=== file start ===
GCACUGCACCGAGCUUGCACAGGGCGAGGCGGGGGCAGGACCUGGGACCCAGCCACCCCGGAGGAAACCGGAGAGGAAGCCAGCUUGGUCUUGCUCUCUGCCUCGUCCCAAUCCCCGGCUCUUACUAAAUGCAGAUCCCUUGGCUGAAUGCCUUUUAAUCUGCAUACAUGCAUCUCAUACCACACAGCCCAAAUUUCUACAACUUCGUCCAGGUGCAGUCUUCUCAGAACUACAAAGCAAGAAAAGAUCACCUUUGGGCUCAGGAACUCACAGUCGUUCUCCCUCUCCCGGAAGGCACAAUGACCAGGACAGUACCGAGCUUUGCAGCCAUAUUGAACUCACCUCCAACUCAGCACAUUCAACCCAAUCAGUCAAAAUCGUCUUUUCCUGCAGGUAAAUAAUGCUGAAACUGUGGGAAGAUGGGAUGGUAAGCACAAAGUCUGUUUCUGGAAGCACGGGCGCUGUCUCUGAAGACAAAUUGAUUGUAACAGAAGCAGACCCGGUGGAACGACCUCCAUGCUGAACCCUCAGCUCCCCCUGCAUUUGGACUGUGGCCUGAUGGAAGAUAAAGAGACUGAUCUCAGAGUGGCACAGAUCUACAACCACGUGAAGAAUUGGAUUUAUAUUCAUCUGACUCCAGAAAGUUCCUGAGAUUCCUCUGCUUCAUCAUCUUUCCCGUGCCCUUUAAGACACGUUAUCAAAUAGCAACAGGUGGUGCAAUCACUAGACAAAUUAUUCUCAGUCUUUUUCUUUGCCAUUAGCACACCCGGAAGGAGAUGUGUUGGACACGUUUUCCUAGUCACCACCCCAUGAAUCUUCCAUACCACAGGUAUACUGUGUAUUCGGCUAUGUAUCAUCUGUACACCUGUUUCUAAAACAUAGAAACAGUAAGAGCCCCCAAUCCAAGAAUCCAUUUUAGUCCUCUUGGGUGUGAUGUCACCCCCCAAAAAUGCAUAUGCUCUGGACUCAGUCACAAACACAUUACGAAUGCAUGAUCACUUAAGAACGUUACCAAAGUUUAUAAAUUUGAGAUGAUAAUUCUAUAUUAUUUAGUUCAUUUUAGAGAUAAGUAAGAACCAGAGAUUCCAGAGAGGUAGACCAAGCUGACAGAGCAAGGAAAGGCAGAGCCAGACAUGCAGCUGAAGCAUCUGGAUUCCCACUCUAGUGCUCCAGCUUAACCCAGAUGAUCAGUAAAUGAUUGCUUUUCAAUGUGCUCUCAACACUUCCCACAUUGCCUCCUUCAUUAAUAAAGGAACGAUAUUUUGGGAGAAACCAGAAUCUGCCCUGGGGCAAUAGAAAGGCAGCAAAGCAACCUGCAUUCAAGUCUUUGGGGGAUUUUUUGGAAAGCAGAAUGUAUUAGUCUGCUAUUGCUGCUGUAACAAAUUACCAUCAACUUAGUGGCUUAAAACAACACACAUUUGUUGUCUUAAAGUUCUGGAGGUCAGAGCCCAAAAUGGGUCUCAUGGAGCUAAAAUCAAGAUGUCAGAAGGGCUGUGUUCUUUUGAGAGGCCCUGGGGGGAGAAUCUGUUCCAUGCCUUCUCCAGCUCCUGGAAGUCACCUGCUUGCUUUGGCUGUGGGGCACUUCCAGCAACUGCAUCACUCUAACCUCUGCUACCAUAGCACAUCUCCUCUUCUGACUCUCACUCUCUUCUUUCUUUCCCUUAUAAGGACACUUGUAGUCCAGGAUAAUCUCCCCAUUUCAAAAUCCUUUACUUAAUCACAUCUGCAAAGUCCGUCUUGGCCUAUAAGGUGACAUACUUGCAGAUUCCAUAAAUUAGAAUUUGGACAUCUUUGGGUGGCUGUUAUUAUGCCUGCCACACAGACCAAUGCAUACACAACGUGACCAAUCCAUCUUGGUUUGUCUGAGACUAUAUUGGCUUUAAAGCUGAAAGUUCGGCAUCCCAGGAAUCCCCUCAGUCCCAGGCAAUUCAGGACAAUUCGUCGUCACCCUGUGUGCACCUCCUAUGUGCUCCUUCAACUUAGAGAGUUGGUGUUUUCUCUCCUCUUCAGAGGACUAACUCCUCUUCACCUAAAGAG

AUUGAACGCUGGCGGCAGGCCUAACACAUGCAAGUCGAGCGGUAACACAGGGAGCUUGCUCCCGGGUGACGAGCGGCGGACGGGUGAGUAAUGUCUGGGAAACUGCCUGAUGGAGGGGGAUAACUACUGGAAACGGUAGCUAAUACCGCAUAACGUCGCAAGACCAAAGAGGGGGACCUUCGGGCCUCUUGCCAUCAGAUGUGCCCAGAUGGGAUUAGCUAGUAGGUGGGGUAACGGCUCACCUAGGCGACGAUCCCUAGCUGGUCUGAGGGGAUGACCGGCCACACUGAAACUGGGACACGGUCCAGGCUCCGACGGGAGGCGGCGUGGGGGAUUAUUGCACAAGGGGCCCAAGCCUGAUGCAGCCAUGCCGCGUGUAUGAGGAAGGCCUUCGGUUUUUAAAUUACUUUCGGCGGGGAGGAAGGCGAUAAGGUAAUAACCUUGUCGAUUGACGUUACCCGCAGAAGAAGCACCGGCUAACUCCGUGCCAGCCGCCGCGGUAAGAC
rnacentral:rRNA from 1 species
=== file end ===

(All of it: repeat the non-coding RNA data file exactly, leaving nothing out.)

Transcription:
GCACUGCACCGAGCUUGCACAGGGCGAGGCGGGGGCAGGACCUGGGACCCAGCCACCCCGGAGGAAACCGGAGAGGAAGCCAGCUUGGUCUUGCUCUCUGCCUCGUCCCAAUCCCCGGCUCUUACUAAAUGCAGAUCCCUUGGCUGAAUGCCUUUUAAUCUGCAUACAUGCAUCUCAUACCACACAGCCCAAAUUUCUACAACUUCGUCCAGGUGCAGUCUUCUCAGAACUACAAAGCAAGAAAAGAUCACCUUUGGGCUCAGGAACUCACAGUCGUUCUCCCUCUCCCGGAAGGCACAAUGACCAGGACAGUACCGAGCUUUGCAGCCAUAUUGAACUCACCUCCAACUCAGCACAUUCAACCCAAUCAGUCAAAAUCGUCUUUUCCUGCAGGUAAAUAAUGCUGAAACUGUGGGAAGAUGGGAUGGUAAGCACAAAGUCUGUUUCUGGAAGCACGGGCGCUGUCUCUGAAGACAAAUUGAUUGUAACAGAAGCAGACCCGGUGGAACGACCUCCAUGCUGAACCCUCAGCUCCCCCUGCAUUUGGACUGUGGCCUGAUGGAAGAUAAAGAGACUGAUCUCAGAGUGGCACAGAUCUACAACCACGUGAAGAAUUGGAUUUAUAUUCAUCUGACUCCAGAAAGUUCCUGAGAUUCCUCUGCUUCAUCAUCUUUCCCGUGCCCUUUAAGACACGUUAUCAAAUAGCAACAGGUGGUGCAAUCACUAGACAAAUUAUUCUCAGUCUUUUUCUUUGCCAUUAGCACACCCGGAAGGAGAUGUGUUGGACACGUUUUCCUAGUCACCACCCCAUGAAUCUUCCAUACCACAGGUAUACUGUGUAUUCGGCUAUGUAUCAUCUGUACACCUGUUUCUAAAACAUAGAAACAGUAAGAGCCCCCAAUCCAAGAAUCCAUUUUAGUCCUCUUGGGUGUGAUGUCACCCCCCAAAAAUGCAUAUGCUCUGGACUCAGUCACAAACACAUUACGAAUGCAUGAUCACUUAAGAACGUUACCAAAGUUUAUAAAUUUGAGAUGAUAAUUCUAUAUUAUUUAGUUCAUUUUAGAGAUAAGUAAGAACCAGAGAUUCCAGAGAGGUAGACCAAGCUGACAGAGCAAGGAAAGGCAGAGCCAGACAUGCAGCUGAAGCAUCUGGAUUCCCACUCUAGUGCUCCAGCUUAACCCAGAUGAUCAGUAAAUGAUUGCUUUUCAAUGUGCUCUCAACACUUCCCACAUUGCCUCCUUCAUUAAUAAAGGAACGAUAUUUUGGGAGAAACCAGAAUCUGCCCUGGGGCAAUAGAAAGGCAGCAAAGCAACCUGCAUUCAAGUCUUUGGGGGAUUUUUUGGAAAGCAGAAUGUAUUAGUCUGCUAUUGCUGCUGUAACAAAUUACCAUCAACUUAGUGGCUUAAAACAACACACAUUUGUUGUCUUAAAGUUCUGGAGGUCAGAGCCCAAAAUGGGUCUCAUGGAGCUAAAAUCAAGAUGUCAGAAGGGCUGUGUUCUUUUGAGAGGCCCUGGGGGGAGAAUCUGUUCCAUGCCUUCUCCAGCUCCUGGAAGUCACCUGCUUGCUUUGGCUGUGGGGCACUUCCAGCAACUGCAUCACUCUAACCUCUGCUACCAUAGCACAUCUCCUCUUCUGACUCUCACUCUCUUCUUUCUUUCCCUUAUAAGGACACUUGUAGUCCAGGAUAAUCUCCCCAUUUCAAAAUCCUUUACUUAAUCACAUCUGCAAAGUCCGUCUUGGCCUAUAAGGUGACAUACUUGCAGAUUCCAUAAAUUAGAAUUUGGACAUCUUUGGGUGGCUGUUAUUAUGCCUGCCACACAGACCAAUGCAUACACAACGUGACCAAUCCAUCUUGGUUUGUCUGAGACUAUAUUGGCUUUAAAGCUGAAAGUUCGGCAUCCCAGGAAUCCCCUCAGUCCCAGGCAAUUCAGGACAAUUCGUCGUCACCCUGUGUGCACCUCCUAUGUGCUCCUUCAACUUAGAGAGUUGGUGUUUUCUCUCCUCUUCAGAGGACUAACUCCUCUUCACCUAAAGAG

AUUGAACGCUGGCGGCAGGCCUAACACAUGCAAGUCGAGCGGUAACACAGGGAGCUUGCUCCCGGGUGACGAGCGGCGGACGGGUGAGUAAUGUCUGGGAAACUGCCUGAUGGAGGGGGAUAACUACUGGAAACGGUAGCUAAUACCGCAUAACGUCGCAAGACCAAAGAGGGGGACCUUCGGGCCUCUUGCCAUCAGAUGUGCCCAGAUGGGAUUAGCUAGUAGGUGGGGUAACGGCUCACCUAGGCGACGAUCCCUAGCUGGUCUGAGGGGAUGACCGGCCACACUGAAACUGGGACACGGUCCAGGCUCCGACGGGAGGCGGCGUGGGGGAUUAUUGCACAAGGGGCCCAAGCCUGAUGCAGCCAUGCCGCGUGUAUGAGGAAGGCCUUCGGUUUUUAAAUUACUUUCGGCGGGGAGGAAGGCGAUAAGGUAAUAACCUUGUCGAUUGACGUUACCCGCAGAAGAAGCACCGGCUAACUCCGUGCCAGCCGCCGCGGUAAGAC
rnacentral:rRNA from 1 species